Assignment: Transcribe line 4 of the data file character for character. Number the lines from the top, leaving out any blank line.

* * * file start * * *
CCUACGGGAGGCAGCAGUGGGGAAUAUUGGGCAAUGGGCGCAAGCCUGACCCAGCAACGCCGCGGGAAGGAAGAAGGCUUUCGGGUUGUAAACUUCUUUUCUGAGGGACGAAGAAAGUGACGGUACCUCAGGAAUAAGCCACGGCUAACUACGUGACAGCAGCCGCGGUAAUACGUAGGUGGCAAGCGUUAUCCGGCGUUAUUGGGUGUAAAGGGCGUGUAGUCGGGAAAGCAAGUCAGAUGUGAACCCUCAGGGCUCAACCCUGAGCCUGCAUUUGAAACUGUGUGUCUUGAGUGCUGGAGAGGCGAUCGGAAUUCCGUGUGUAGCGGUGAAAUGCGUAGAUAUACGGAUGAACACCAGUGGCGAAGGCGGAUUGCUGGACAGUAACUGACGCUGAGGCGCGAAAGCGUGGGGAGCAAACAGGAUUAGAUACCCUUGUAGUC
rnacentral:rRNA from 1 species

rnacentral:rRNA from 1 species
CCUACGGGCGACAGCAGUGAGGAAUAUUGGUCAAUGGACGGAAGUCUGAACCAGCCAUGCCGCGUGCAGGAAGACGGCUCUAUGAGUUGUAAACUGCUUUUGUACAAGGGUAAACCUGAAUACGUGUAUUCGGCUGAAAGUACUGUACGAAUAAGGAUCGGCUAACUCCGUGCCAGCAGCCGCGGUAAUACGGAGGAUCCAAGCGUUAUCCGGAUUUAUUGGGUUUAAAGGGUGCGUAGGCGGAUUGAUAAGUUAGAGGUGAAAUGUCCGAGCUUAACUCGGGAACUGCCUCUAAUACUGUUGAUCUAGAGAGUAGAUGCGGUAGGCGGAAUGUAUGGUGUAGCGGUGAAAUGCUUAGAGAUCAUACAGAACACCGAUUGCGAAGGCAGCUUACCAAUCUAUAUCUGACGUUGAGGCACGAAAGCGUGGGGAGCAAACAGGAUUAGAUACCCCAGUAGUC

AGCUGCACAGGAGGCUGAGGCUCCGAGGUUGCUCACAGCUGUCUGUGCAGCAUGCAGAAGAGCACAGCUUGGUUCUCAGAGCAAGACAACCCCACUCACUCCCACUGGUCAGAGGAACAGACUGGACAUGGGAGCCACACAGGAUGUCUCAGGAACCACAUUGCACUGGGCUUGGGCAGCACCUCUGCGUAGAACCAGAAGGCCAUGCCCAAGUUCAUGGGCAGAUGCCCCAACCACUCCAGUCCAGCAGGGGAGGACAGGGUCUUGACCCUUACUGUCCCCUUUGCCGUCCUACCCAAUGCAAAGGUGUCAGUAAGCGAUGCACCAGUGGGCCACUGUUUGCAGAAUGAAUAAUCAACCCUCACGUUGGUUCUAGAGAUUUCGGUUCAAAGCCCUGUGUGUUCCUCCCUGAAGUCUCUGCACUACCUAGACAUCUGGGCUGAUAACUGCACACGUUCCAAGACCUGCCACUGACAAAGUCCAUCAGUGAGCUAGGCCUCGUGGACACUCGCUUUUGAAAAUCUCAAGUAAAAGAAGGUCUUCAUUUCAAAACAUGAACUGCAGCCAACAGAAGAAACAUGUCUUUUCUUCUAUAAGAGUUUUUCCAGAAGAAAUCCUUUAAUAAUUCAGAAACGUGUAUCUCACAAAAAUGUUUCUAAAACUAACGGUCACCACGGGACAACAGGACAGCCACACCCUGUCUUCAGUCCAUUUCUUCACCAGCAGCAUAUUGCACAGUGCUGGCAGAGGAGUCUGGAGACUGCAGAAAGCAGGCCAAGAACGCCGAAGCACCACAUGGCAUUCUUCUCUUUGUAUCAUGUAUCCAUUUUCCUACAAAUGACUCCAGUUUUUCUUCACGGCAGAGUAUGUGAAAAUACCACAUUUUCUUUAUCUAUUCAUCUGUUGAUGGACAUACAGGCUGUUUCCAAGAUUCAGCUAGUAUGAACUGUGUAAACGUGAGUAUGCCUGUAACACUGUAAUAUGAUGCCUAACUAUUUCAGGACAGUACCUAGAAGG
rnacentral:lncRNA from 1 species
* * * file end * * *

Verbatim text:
CCUACGGGCGACAGCAGUGAGGAAUAUUGGUCAAUGGACGGAAGUCUGAACCAGCCAUGCCGCGUGCAGGAAGACGGCUCUAUGAGUUGUAAACUGCUUUUGUACAAGGGUAAACCUGAAUACGUGUAUUCGGCUGAAAGUACUGUACGAAUAAGGAUCGGCUAACUCCGUGCCAGCAGCCGCGGUAAUACGGAGGAUCCAAGCGUUAUCCGGAUUUAUUGGGUUUAAAGGGUGCGUAGGCGGAUUGAUAAGUUAGAGGUGAAAUGUCCGAGCUUAACUCGGGAACUGCCUCUAAUACUGUUGAUCUAGAGAGUAGAUGCGGUAGGCGGAAUGUAUGGUGUAGCGGUGAAAUGCUUAGAGAUCAUACAGAACACCGAUUGCGAAGGCAGCUUACCAAUCUAUAUCUGACGUUGAGGCACGAAAGCGUGGGGAGCAAACAGGAUUAGAUACCCCAGUAGUC